Sarah: Another thing is that you should just make sure your phone is secure. In fact, when people have their identity stolen, or personal information stolen, it is often people they know who does. Which means someone you know who has access to your phone. So it's very important to have a very strong password and use it. I think it's amazing how many people have the password turned off because it's inconvenient for them.
Sarah: It is more inconvenient to have your private information taken. And you should automatically lock on, as I'm hypocritical, I don't automatically lock on.
David: Hi, auto lock is important.
Sarah: But yes, you should put it in 30 seconds be sure where it will automatically lock. Go and sleep and lock after inactivity. But you should probably have it turned on. And it will also make it harder for people to access your private information.
Sarah: But also, Apple really needs to make this an alternative.
Donna: I think so too.
Sarah: And it wasn't as an ideal answer. There are third-party applications that will lock apps but you need to jailbreak your phone. It's a terrible idea, and it actually compromises your safety path more than anything else.
Donna: I'm wondering is their Messages app that does it though? Because as bank applications do, you can use Face ID or I have a journaling app that is protected by Face ID. I wonder if ...
David: I'm pretty sure it is. There are definitely messaging programs that are much safer.
Donna: Yes. So my guess is that you can do it with some apps without jailbreaking, but it's not.
Sarah: No, what I mean is like an app that will lock other apps for you.
David: Oh, yes. No, you can't.
Donna: Oh. Okay.
David: Yeah, I want to say it's a step further than I'm willing to go.
Donna: I know.
David: Because that's what I need to know when I get a text message. If you turn it off, just to warn you, you don't know when you get a text message, and you need to manually enter your text messages to see. And many text messages are timely as it would really stress me out.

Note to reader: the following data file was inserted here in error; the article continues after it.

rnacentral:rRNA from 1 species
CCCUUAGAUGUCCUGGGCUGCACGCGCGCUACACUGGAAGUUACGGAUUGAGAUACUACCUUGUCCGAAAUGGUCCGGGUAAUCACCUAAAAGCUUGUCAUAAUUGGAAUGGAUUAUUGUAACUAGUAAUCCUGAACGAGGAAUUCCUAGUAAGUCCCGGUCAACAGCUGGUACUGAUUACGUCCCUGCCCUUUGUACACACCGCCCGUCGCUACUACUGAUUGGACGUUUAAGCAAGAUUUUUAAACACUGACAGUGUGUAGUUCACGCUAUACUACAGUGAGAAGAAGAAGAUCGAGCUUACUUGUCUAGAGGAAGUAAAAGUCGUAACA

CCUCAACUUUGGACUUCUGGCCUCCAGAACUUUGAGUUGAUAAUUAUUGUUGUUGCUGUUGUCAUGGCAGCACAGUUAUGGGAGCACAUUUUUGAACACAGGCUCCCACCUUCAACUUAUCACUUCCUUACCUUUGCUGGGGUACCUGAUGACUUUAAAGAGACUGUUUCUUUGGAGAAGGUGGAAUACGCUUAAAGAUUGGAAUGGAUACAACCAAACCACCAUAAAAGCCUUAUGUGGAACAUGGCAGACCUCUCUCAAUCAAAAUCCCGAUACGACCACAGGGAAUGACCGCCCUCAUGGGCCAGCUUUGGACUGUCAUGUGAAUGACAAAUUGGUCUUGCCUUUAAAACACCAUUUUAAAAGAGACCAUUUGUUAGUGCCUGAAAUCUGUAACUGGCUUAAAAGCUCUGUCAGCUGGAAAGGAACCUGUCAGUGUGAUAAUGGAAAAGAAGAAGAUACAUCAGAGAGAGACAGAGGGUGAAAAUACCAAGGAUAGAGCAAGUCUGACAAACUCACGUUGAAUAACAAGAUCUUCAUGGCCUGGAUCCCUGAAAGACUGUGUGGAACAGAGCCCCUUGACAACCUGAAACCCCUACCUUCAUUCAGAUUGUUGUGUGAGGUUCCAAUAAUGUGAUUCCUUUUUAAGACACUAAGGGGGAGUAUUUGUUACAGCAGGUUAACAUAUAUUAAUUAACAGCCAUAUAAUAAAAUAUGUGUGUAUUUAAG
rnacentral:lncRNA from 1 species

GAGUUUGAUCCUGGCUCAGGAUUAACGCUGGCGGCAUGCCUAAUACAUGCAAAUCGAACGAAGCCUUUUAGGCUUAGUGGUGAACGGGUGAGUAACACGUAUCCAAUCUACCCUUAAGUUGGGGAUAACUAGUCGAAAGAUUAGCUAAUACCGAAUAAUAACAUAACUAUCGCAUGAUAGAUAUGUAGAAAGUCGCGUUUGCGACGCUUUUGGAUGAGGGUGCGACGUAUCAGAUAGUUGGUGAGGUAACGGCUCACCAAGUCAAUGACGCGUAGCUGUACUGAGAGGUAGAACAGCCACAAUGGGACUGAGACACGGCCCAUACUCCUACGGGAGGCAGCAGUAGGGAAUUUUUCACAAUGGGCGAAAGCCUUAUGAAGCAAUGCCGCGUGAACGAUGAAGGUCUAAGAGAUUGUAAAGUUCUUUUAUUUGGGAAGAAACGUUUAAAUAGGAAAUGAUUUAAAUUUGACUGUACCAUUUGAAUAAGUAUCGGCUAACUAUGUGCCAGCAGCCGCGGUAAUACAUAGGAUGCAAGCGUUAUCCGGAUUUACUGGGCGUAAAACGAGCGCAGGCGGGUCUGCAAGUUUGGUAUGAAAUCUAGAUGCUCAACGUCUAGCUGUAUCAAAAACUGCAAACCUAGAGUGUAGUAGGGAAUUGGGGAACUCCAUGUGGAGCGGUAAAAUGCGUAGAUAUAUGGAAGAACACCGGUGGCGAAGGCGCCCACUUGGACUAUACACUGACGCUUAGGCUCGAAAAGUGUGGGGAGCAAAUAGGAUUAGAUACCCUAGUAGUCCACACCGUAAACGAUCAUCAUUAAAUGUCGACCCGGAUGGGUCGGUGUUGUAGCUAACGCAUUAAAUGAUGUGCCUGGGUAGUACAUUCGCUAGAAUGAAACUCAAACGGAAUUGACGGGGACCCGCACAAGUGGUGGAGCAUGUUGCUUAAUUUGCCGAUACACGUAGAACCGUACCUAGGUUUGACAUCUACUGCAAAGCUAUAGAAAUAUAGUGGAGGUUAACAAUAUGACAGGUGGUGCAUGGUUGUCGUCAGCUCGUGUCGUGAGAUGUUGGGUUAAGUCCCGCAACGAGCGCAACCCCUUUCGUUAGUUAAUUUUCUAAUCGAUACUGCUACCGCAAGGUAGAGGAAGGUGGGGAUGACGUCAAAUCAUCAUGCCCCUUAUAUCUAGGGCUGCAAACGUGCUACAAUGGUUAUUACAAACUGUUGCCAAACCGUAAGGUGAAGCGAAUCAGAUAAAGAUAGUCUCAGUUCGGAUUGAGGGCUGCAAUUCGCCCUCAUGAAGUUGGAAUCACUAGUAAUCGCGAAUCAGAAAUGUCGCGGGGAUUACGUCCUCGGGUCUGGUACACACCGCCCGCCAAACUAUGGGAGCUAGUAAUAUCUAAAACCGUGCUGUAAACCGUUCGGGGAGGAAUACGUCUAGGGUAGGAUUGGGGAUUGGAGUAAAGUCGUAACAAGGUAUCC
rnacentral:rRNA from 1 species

Sarah: So what you can do when you give your phone to your child is that you can handle the alerts so that they are delivered quietly and then turn
David: That's fair.
Sarah: You can turn off previews and banners and turn them on again. But what you do is that you can either access alerts and these settings, you can either access it by going to the app settings yourself and then tapping alerts, or you can go to alerts in settings and find the app. And you can manage those to be delivered quietly, which means they go directly to the message center and not appear on the screen.
Sarah: And then when you're ready to turn them back on, just open the message center, where if your phones are locked, swipe up from the bottom of the screen. For an iPhone X, I'm not sure phones that have home buttons for what you want to do. Or you can swipe from the top left of the iPhone without a home button. I really need to brush on what happens to iPhones with home buttons because I forgot. And then you swipe again at the alert you want delivered prominently, and choose that option.